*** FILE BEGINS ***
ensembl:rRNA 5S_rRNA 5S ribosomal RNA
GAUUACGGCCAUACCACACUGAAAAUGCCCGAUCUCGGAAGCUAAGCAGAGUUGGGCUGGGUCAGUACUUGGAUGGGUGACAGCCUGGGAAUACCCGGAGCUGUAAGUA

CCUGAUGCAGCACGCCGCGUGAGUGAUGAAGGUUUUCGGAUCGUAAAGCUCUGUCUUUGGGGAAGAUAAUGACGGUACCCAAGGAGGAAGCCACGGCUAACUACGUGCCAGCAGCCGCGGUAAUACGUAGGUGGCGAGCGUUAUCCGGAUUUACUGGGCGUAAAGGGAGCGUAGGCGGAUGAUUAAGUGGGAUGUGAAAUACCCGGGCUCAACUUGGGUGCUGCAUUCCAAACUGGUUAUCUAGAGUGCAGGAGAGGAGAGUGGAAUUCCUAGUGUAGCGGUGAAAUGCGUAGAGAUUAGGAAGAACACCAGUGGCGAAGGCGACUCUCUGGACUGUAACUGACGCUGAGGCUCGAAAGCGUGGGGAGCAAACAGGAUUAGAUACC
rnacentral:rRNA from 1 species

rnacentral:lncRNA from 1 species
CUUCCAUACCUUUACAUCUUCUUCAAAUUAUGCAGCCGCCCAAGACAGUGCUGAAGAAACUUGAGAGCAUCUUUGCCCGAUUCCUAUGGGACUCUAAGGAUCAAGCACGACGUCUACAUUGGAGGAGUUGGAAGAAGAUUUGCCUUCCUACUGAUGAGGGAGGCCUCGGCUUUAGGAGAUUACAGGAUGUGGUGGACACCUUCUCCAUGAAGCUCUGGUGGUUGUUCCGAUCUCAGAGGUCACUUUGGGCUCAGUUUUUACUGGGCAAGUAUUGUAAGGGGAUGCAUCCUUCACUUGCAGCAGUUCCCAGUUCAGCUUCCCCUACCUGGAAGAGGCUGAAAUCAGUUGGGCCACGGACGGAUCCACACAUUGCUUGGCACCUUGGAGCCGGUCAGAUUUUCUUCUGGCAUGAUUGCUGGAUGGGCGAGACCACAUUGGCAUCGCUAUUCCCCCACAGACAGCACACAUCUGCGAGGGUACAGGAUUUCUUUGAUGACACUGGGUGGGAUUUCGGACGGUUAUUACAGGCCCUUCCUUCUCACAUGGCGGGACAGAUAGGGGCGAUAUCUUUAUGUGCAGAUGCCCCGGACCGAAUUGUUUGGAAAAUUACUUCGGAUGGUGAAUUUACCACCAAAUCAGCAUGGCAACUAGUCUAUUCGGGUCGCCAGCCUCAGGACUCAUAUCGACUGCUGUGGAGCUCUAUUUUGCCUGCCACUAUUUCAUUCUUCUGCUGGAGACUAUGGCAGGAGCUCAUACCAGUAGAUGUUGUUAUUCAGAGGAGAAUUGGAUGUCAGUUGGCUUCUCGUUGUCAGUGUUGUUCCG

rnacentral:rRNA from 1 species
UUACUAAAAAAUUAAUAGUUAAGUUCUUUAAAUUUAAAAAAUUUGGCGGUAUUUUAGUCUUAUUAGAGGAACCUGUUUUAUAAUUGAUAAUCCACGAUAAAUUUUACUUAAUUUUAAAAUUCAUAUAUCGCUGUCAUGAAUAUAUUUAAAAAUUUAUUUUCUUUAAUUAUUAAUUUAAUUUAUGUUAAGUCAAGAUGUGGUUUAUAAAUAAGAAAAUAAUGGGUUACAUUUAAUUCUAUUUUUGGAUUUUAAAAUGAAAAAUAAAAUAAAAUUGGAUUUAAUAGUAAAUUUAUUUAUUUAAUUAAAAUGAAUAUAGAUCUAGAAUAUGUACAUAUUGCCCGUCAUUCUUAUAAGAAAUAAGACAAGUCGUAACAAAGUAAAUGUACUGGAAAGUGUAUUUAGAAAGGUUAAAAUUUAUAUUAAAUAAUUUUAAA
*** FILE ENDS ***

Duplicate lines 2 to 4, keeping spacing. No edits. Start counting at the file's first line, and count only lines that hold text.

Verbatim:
GAUUACGGCCAUACCACACUGAAAAUGCCCGAUCUCGGAAGCUAAGCAGAGUUGGGCUGGGUCAGUACUUGGAUGGGUGACAGCCUGGGAAUACCCGGAGCUGUAAGUA

CCUGAUGCAGCACGCCGCGUGAGUGAUGAAGGUUUUCGGAUCGUAAAGCUCUGUCUUUGGGGAAGAUAAUGACGGUACCCAAGGAGGAAGCCACGGCUAACUACGUGCCAGCAGCCGCGGUAAUACGUAGGUGGCGAGCGUUAUCCGGAUUUACUGGGCGUAAAGGGAGCGUAGGCGGAUGAUUAAGUGGGAUGUGAAAUACCCGGGCUCAACUUGGGUGCUGCAUUCCAAACUGGUUAUCUAGAGUGCAGGAGAGGAGAGUGGAAUUCCUAGUGUAGCGGUGAAAUGCGUAGAGAUUAGGAAGAACACCAGUGGCGAAGGCGACUCUCUGGACUGUAACUGACGCUGAGGCUCGAAAGCGUGGGGAGCAAACAGGAUUAGAUACC
rnacentral:rRNA from 1 species